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Last month, while attending the Family Travel Summit in Bermuda, I stumbled upon a really cool company, Hidden Iceland, offering small group personalized trips in one of the world’s most popular tourism destinations—Iceland.

So in a world where operators are fiercely battling it out trying to offer unique itineraries in hot destinations that are luring tourists, I wanted to know from Hidden Iceland’s co-founder Ryan Connolly, what sets this Reykjavik-based activity operator outside the pack. “Our trips,” he says, “were carefully created by the founders of the company with one thought in mind: Would we be proud to take our friends and family on them? And we can absolutely say yes. Couple that with CEO Dagny Bjorg Stefansdottir’s local secrets, operations manager Scott Drummond’s geologist knowledge, and my adventurous background guiding around the world, we were able to create something that truly immerses, educates, and adds in a few hidden spots along the way.”

Hidden Iceland
The Lóndrangar are a pair of rock pinnacles in the Snæfellsnes Peninsula. (photo courtesy of Hidden Iceland / Norris Niman)

Hidden Iceland offers trips to exactly what its name points to: the little-known places in this Nordic country. Yes, lots of travelers are heading to Iceland, but don’t you want your clients to come back with a story that places them in spots that are way off the beaten track? Don’t you want them to come back spellbound?

And even though Iceland is getting more and more popular, Connolly says that “traveling with companies like ours still affords you the chance to avoid the crowds for the most part. If you’re willing to venture away from the bottleneck of Reykjavik airport and the Golden Circle area, then it often quietens off very quickly.”

Svinafellsjokull Ice Cave.(photo courtesy of Hidden Iceland / Mark Hoey)

So where does Hidden Iceland—which focuses on personalized private trips, planned day trips and multi-day trips—venture off to? They visit iceberg-filled glacier lagoons, sneak behind waterfalls, explore the wild West Fjords, chase the midnight sun, and explore lava tunnels and volcanic islands.

“Places like Westman Islands, a volcanic group of islands with the biggest puffin colony in the world is often overlooked first time round due to its remoteness, but it’s my personal favorite place to take people,” Connolly says. “In one day you can play with rescue puffin, walk along the cliff edge of the puffin colony in hopes of seeing a few passing whales, speedboat around the smaller islands and walk onto a still warm volcano.” He points out that this is a great option for travelers who have visited Iceland before or for those with more time. For first-timers he points to the Golden Circle, but notes that the company combats the touristy and overcrowded aspect of this area by doing the “route in reverse and adding in a trip to the oldest hot pool in Iceland, the Secret Lagoon, as well as having lunch in a Tomato Greenhouse surrounded by up to 26-ft.-high tomato plants. The Golden Circle can be as relaxing and tranquil as anywhere else if you do it the right way.”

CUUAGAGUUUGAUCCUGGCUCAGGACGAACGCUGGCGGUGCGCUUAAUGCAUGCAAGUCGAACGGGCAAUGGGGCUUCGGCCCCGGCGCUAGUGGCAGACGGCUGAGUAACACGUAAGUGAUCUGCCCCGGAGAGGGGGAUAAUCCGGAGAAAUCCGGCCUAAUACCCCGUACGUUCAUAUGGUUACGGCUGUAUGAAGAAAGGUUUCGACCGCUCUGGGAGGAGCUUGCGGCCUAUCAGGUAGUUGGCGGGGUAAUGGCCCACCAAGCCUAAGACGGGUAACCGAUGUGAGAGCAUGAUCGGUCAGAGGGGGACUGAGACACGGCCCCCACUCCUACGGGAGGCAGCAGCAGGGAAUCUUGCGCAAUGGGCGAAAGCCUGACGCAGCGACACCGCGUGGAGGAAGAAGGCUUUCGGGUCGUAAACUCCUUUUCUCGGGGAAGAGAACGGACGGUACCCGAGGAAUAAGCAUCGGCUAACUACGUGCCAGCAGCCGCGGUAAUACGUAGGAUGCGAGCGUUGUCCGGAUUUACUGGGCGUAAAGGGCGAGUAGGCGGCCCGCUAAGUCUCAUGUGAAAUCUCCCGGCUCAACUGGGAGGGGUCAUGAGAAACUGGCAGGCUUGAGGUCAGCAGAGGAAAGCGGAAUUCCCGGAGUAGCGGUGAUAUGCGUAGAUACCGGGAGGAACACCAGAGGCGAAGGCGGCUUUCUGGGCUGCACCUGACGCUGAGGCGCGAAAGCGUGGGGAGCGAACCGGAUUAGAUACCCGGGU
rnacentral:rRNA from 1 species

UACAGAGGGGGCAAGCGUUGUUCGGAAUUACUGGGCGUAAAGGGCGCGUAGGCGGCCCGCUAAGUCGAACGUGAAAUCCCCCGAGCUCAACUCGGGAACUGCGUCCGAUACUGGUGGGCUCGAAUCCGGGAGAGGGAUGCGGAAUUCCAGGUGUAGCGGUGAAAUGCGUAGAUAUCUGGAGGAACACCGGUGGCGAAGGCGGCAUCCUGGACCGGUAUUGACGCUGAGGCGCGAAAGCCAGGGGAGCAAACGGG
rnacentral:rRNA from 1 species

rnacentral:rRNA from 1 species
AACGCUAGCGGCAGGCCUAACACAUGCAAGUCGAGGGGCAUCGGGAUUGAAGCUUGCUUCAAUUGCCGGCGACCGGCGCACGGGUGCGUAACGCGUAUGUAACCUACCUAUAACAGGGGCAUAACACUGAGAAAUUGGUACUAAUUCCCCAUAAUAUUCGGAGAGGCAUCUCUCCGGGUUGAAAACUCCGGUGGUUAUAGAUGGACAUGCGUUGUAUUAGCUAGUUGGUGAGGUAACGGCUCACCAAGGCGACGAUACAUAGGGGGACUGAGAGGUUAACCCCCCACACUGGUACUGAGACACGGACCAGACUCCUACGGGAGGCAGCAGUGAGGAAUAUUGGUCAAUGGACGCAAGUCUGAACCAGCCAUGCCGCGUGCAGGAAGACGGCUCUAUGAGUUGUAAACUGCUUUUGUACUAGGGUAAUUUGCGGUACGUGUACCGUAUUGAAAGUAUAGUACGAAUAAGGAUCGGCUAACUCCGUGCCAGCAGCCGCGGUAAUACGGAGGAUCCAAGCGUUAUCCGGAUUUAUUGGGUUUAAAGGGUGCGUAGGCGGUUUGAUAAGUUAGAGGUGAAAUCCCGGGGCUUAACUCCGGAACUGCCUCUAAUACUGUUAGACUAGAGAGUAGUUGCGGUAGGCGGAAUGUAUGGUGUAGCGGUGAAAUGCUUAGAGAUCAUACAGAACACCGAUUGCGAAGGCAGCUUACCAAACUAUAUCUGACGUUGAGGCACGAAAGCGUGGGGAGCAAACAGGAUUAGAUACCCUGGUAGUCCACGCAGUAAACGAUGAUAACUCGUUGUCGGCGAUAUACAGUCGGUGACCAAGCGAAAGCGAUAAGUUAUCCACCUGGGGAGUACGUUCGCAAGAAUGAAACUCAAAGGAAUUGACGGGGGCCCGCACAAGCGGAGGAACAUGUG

Hidden Iceland
Sólheimajökull Blue Ice. in the South Coast. (photo courtesy of Hidden Iceland / Norris Niman)

At the core of Hidden Iceland’s mission, though, is to take travelers way off the beaten track, or as Connolly calls it, to the “real hidden Iceland.” For those types of customers, he says, “a 4-day trip up to the forgotten north west of Iceland, the West Fjords, is perfect. Even in the middle of June there will be places where you won’t see another soul for miles around. It’s a favorite location for spotting whales, seals, arctic foxes and hiking along the mighty Latrabjarg sea cliffs peaking at 1,400 ft. straight down, without a single fence in sight. Coupled with scenic boat trips, hidden hot pools, the impressive 328-ft. Dynjandi Waterfalls, and the drive of a lifetime through the deeply scarred fjords, this is a definite must if you want to see Iceland at its most raw and empty.”

Hidden Iceland also cares deeply about leaving the places it visits untouched, and as such they spend a proportion of their income on offsetting initiatives. The company has been certified by Climatecare.org as a Carbon Neutral company, and as part of their initiative of caring for the environment, they educate their guests on what things they can do to help and how the glaciers and environment have changed because of climate change.

Hidden Iceland works with travel advisors to create the perfect itinerary for their clients, whether it’s partial or full itineraries. Your clients will be guided through Iceland by five-star rated guides who are either experts of the area or geologists or volcanologists. In fact, Connolly says that since glaciers are really a high point of Iceland’s beauty, being guided by guides who are veterans of these places is ideal as they can venture into crevasses, ice caves, and traverse the edges of ice fall areas. “This,” he says, “turns a glacier walk into a fully immersive experience. And you don’t have to be an Olympian to join us on those either. Minimum age is 10 for all glacier hikes.” Connolly adds that, “Iceland will forever be beautiful and barren, but now is the perfect time to see Iceland at its most pristine and preserved.”

A sample of Hidden Iceland’s trips include the 2-day Glacier Hike & Entire South Coast, with stops in Seljalandsfoss and Skogafoss waterfalls and the Reynisfjara Black Sand Beach, visits to the Jokulsarlon Glacier Lagoon to witness giant lagoon-floating icebergs, and a glacier hike on Falljokull within the Vatnajokull National Park. Approximately $422.

For more information, visit hiddeniceland.is. For more options from other tour operators, click here.

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